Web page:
Ready : What You Need to Know
You may think it’s early to start planning for college, but your time in high school will go by very quickly. That’s why getting a general idea of what to you need to do to prepare for college will save you time and stress later on.
Why start now? College applications ask all sorts of questions: What classes did you take? What awards have you received? What activities have you participated in? By the time you’re a senior, you might forget some of the things you did as a freshman or sophomore. Keeping track of your progress is a good way to avoid confusion later. It also shows you where you need more work as you go along.
Why college? Going to college means you’ll make more money in your lifetime. It also makes you more independent and able to make decisions on your own. College will allow you many other valuable experiences—far beyond just an education and diploma.
College is a time to continue pursuing the passions you’ve found; it’s a chance to meet new people and move beyond your comfort zone. These are all things that contribute to you becoming a more well-rounded, self-sufficient, and happy person.
Whether you go to a four-year university, to community college, or to a technical or vocational school, if you’re choosing to advance your education past high school, you’re choosing a better life for yourself.
College Credit in High School
Dual-credit programs allow high school students to enroll in college-level courses, either at their own school or at their local community college. Not all schools offer every option, so interested students should talk to their high school counselor. Check the OSPI Dual Credit website for comprehensive information, or visit the program links below.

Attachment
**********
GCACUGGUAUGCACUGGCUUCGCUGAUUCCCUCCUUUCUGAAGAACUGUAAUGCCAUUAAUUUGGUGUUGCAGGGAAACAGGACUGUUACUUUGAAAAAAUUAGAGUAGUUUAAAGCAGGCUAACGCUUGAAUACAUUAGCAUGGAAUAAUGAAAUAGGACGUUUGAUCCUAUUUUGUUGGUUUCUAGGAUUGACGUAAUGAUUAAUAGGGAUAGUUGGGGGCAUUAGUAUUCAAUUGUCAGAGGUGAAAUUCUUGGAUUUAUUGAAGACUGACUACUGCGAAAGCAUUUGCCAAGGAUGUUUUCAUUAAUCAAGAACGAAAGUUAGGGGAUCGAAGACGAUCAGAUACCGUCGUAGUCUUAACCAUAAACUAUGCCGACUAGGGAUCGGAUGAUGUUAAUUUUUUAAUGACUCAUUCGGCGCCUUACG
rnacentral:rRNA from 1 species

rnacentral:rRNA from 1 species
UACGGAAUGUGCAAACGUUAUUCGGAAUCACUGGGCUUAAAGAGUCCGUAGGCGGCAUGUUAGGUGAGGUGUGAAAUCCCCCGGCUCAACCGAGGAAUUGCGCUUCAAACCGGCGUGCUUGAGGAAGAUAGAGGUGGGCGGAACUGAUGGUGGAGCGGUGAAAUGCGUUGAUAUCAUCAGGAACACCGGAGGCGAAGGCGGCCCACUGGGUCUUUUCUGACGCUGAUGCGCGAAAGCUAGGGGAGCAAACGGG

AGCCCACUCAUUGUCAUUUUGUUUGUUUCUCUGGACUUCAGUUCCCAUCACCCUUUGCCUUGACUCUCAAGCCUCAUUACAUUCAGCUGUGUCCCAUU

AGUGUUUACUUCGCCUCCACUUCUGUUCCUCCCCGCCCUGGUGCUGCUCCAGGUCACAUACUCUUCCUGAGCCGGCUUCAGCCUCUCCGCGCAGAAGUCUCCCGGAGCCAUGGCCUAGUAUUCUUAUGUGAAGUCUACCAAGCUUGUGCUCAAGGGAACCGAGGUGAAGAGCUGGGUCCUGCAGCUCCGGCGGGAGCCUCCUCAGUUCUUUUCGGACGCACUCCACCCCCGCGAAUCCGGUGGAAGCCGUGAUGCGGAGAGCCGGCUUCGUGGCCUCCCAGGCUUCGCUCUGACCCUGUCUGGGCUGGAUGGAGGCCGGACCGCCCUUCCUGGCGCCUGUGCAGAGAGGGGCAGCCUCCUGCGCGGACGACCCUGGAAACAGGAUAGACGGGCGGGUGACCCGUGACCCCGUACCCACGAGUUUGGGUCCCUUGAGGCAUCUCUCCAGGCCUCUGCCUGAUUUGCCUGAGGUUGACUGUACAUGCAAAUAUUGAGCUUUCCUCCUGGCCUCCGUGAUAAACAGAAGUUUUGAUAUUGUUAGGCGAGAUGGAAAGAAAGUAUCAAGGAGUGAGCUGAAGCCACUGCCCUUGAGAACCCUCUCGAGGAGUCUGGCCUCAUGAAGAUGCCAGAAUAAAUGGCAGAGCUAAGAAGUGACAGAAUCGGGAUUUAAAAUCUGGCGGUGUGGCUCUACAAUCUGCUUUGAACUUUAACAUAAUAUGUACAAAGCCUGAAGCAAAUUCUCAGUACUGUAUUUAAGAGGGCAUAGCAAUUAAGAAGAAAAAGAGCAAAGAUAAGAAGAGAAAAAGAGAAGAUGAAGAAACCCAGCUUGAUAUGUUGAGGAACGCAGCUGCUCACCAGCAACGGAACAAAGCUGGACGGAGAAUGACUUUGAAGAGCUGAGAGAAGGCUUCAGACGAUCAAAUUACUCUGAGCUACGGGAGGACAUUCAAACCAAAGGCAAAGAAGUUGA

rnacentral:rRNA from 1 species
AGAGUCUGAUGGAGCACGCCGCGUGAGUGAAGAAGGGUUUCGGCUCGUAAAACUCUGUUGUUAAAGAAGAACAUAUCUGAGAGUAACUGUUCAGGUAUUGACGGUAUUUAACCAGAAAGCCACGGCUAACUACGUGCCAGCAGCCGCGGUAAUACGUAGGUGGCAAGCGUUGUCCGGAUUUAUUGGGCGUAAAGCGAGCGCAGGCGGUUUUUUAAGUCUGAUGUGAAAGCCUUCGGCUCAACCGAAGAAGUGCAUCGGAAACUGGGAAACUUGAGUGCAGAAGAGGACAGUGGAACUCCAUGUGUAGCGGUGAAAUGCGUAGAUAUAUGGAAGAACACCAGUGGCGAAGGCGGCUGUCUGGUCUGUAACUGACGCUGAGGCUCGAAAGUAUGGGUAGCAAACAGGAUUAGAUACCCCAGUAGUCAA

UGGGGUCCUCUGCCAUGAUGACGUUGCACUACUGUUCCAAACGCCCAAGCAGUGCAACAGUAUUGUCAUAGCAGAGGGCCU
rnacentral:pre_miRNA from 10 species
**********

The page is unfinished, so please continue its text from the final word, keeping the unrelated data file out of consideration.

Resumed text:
Advanced Placement (AP) Programs
Advanced Placement programs enable students to take college-level courses while in high school. Students may earn college credit or move into higher-level college courses by taking AP exams.
International Baccalaureate (IB) Programs
High-quality programs of international education are offered to a worldwide community of schools. Three programs for students ages 3 to 19 help develop the intellectual, personal, emotional, and social skills to live, learn, and work in a rapidly globalizing world.
The Running Start program in Washington allows 11th and 12th grade students to take college courses at Washington’s community and technical colleges and at Central Washington University, Eastern Washington University, Washington State University, and Northwest Indian College.
College Admission Standards
Minimum college admission standards serve as an academic road map for middle and high school students. The minimum standards do not guarantee admission but do establish a foundational level of academic achievement needed to do successful college work. More information available is available from the Washington Student Achievement Council.
Check out the dual-credit lookup tool to find out how your AP, IB, or Cambridge test scores apply as college credit.
Residency and Citizenship
Your residency and citizenship status can have an impact on things like financial aid and the cost of tuition. If you are not a U.S. citizen, please visit our page on residency and citizenship.